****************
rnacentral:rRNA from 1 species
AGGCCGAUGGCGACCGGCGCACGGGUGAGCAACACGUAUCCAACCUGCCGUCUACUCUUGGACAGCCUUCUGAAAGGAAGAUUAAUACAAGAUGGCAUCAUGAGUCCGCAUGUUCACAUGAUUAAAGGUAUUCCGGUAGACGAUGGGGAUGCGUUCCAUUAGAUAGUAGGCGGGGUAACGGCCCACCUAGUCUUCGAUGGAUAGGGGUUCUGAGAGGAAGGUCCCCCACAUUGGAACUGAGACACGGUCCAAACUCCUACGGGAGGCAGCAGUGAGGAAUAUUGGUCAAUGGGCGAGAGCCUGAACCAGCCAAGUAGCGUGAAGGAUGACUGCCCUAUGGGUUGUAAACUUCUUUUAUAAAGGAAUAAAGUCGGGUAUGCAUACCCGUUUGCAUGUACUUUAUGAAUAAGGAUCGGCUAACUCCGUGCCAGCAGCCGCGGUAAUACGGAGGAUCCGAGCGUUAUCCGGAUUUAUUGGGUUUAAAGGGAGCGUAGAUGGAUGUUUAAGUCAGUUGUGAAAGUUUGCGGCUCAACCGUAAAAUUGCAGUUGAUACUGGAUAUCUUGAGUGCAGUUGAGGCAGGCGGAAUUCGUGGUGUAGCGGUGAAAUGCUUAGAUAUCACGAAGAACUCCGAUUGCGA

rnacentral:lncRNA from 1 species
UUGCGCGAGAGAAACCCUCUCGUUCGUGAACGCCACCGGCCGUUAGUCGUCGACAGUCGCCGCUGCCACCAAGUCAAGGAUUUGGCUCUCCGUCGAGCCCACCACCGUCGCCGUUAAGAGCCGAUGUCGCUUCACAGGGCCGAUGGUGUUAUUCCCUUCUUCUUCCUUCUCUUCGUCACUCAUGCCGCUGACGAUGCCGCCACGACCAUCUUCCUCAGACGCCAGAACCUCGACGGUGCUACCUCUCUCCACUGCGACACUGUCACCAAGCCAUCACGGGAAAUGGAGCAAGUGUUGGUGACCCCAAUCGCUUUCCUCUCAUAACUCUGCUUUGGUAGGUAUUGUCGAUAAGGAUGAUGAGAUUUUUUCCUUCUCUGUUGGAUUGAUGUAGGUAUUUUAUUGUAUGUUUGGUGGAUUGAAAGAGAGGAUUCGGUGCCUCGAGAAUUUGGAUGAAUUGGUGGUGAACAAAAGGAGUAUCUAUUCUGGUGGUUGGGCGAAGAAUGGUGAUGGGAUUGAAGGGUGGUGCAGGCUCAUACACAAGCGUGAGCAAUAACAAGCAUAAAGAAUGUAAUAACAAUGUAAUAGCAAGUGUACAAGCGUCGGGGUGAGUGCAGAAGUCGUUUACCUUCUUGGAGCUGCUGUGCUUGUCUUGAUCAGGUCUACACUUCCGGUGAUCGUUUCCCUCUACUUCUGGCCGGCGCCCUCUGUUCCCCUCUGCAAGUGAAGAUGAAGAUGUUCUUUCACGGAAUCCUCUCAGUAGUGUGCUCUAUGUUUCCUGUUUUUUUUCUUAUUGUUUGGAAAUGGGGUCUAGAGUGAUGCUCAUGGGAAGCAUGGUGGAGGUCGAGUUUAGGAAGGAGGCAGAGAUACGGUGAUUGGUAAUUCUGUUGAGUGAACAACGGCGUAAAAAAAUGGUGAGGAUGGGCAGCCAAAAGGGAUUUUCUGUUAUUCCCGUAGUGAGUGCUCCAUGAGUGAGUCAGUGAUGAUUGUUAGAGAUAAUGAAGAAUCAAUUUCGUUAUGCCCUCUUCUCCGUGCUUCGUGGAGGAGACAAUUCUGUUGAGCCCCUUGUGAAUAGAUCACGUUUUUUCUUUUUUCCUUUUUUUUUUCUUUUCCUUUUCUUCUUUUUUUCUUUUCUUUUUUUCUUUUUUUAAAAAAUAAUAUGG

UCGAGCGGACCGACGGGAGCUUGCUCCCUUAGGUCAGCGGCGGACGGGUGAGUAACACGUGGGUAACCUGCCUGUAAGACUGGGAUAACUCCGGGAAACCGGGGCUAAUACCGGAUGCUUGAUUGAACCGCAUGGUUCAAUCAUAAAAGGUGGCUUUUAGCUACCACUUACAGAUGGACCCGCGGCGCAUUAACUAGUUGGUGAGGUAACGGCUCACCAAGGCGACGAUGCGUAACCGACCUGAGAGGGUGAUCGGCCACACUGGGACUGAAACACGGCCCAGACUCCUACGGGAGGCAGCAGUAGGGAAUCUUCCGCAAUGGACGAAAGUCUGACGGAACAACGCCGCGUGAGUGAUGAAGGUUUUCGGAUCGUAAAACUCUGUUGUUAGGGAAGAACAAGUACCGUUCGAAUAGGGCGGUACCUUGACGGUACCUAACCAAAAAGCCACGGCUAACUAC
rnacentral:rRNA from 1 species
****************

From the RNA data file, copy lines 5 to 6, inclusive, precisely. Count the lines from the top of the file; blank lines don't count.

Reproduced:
UCGAGCGGACCGACGGGAGCUUGCUCCCUUAGGUCAGCGGCGGACGGGUGAGUAACACGUGGGUAACCUGCCUGUAAGACUGGGAUAACUCCGGGAAACCGGGGCUAAUACCGGAUGCUUGAUUGAACCGCAUGGUUCAAUCAUAAAAGGUGGCUUUUAGCUACCACUUACAGAUGGACCCGCGGCGCAUUAACUAGUUGGUGAGGUAACGGCUCACCAAGGCGACGAUGCGUAACCGACCUGAGAGGGUGAUCGGCCACACUGGGACUGAAACACGGCCCAGACUCCUACGGGAGGCAGCAGUAGGGAAUCUUCCGCAAUGGACGAAAGUCUGACGGAACAACGCCGCGUGAGUGAUGAAGGUUUUCGGAUCGUAAAACUCUGUUGUUAGGGAAGAACAAGUACCGUUCGAAUAGGGCGGUACCUUGACGGUACCUAACCAAAAAGCCACGGCUAACUAC
rnacentral:rRNA from 1 species